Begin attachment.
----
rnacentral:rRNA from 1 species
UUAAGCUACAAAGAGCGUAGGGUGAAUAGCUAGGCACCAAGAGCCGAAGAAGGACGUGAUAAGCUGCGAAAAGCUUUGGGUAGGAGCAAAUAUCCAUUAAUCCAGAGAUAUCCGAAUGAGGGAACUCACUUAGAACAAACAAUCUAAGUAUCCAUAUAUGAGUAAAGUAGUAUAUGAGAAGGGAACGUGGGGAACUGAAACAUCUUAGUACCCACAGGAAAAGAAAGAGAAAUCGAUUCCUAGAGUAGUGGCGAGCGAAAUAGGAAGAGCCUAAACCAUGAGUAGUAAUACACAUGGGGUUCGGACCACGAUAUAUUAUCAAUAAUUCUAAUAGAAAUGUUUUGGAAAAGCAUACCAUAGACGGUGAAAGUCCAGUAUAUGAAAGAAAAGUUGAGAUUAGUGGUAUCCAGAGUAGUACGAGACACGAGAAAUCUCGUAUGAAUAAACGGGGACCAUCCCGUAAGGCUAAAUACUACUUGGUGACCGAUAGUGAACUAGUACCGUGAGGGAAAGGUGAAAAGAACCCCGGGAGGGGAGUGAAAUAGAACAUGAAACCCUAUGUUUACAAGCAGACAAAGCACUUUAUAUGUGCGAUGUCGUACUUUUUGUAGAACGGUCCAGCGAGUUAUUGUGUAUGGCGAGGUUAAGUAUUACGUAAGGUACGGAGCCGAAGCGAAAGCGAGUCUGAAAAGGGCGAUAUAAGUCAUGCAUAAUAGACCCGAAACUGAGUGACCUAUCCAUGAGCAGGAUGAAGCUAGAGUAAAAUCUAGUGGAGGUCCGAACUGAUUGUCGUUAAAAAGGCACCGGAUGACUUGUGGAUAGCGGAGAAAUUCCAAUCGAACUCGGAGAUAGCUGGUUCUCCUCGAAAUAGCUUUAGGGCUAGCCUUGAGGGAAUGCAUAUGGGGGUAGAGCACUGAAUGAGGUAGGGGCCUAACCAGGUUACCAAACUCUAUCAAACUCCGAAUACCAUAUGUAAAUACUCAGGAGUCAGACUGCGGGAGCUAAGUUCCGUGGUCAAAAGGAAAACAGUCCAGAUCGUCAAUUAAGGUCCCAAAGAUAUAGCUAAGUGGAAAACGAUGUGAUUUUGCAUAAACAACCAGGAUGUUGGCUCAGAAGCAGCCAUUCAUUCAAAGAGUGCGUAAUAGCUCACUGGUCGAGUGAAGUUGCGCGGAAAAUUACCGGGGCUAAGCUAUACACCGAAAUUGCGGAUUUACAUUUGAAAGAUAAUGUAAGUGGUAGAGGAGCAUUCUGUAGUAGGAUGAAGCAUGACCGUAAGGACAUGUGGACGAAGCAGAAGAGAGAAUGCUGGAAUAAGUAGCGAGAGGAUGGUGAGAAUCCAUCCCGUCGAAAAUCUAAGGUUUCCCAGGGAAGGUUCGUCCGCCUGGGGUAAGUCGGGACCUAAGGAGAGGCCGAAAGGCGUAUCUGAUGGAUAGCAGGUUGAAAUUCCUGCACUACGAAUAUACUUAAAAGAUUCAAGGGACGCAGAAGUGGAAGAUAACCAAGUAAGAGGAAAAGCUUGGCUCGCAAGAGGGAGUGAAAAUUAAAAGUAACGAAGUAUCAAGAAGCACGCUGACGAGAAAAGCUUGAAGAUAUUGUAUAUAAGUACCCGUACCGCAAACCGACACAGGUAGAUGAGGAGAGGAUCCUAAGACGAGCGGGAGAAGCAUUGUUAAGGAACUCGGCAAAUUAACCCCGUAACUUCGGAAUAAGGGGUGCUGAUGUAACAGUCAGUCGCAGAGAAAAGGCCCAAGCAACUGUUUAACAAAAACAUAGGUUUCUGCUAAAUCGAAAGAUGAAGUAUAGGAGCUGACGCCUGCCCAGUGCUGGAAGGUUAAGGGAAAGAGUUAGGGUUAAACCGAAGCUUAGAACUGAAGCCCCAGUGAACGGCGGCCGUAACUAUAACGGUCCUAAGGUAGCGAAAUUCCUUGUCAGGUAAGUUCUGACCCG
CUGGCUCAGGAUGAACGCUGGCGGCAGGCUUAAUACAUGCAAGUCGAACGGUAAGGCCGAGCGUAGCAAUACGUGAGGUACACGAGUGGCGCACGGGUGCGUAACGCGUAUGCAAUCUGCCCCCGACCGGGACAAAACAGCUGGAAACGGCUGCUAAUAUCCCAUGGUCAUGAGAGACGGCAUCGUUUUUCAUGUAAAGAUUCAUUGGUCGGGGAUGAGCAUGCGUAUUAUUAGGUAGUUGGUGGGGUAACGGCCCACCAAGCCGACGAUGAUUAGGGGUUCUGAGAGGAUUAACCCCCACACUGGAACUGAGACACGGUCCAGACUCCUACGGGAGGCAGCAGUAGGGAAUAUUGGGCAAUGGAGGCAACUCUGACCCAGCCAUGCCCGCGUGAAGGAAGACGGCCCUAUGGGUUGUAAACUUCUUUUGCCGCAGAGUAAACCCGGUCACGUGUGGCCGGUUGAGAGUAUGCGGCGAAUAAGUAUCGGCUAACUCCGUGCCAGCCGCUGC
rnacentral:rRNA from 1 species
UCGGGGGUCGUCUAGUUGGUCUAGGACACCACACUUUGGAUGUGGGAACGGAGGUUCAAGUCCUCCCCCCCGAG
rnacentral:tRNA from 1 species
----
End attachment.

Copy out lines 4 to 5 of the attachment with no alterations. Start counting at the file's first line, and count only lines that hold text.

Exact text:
rnacentral:rRNA from 1 species
UCGGGGGUCGUCUAGUUGGUCUAGGACACCACACUUUGGAUGUGGGAACGGAGGUUCAAGUCCUCCCCCCCGAG